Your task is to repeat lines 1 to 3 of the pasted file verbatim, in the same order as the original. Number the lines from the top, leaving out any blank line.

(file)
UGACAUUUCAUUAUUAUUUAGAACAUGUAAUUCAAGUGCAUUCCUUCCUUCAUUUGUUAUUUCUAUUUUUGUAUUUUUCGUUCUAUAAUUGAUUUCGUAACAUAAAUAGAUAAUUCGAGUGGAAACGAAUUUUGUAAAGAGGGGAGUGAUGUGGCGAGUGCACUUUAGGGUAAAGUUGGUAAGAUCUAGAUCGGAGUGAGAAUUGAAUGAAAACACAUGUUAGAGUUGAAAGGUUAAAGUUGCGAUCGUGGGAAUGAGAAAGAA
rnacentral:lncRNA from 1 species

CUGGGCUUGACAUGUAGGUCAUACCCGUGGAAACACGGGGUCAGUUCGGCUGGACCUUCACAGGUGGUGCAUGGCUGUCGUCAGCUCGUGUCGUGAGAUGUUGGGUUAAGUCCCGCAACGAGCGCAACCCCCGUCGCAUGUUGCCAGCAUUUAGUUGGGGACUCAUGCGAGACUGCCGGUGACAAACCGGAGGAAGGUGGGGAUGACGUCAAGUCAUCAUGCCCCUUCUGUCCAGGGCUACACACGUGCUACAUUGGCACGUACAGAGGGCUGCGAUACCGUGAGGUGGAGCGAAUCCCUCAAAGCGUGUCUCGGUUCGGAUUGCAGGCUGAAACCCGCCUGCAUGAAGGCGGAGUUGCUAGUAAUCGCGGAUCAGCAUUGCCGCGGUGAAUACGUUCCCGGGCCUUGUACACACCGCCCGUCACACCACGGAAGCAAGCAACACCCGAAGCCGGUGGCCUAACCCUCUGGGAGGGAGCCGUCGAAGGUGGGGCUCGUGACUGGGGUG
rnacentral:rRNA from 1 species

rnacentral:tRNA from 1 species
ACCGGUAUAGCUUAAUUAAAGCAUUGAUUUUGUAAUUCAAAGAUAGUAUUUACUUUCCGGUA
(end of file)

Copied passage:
UGACAUUUCAUUAUUAUUUAGAACAUGUAAUUCAAGUGCAUUCCUUCCUUCAUUUGUUAUUUCUAUUUUUGUAUUUUUCGUUCUAUAAUUGAUUUCGUAACAUAAAUAGAUAAUUCGAGUGGAAACGAAUUUUGUAAAGAGGGGAGUGAUGUGGCGAGUGCACUUUAGGGUAAAGUUGGUAAGAUCUAGAUCGGAGUGAGAAUUGAAUGAAAACACAUGUUAGAGUUGAAAGGUUAAAGUUGCGAUCGUGGGAAUGAGAAAGAA
rnacentral:lncRNA from 1 species

CUGGGCUUGACAUGUAGGUCAUACCCGUGGAAACACGGGGUCAGUUCGGCUGGACCUUCACAGGUGGUGCAUGGCUGUCGUCAGCUCGUGUCGUGAGAUGUUGGGUUAAGUCCCGCAACGAGCGCAACCCCCGUCGCAUGUUGCCAGCAUUUAGUUGGGGACUCAUGCGAGACUGCCGGUGACAAACCGGAGGAAGGUGGGGAUGACGUCAAGUCAUCAUGCCCCUUCUGUCCAGGGCUACACACGUGCUACAUUGGCACGUACAGAGGGCUGCGAUACCGUGAGGUGGAGCGAAUCCCUCAAAGCGUGUCUCGGUUCGGAUUGCAGGCUGAAACCCGCCUGCAUGAAGGCGGAGUUGCUAGUAAUCGCGGAUCAGCAUUGCCGCGGUGAAUACGUUCCCGGGCCUUGUACACACCGCCCGUCACACCACGGAAGCAAGCAACACCCGAAGCCGGUGGCCUAACCCUCUGGGAGGGAGCCGUCGAAGGUGGGGCUCGUGACUGGGGUG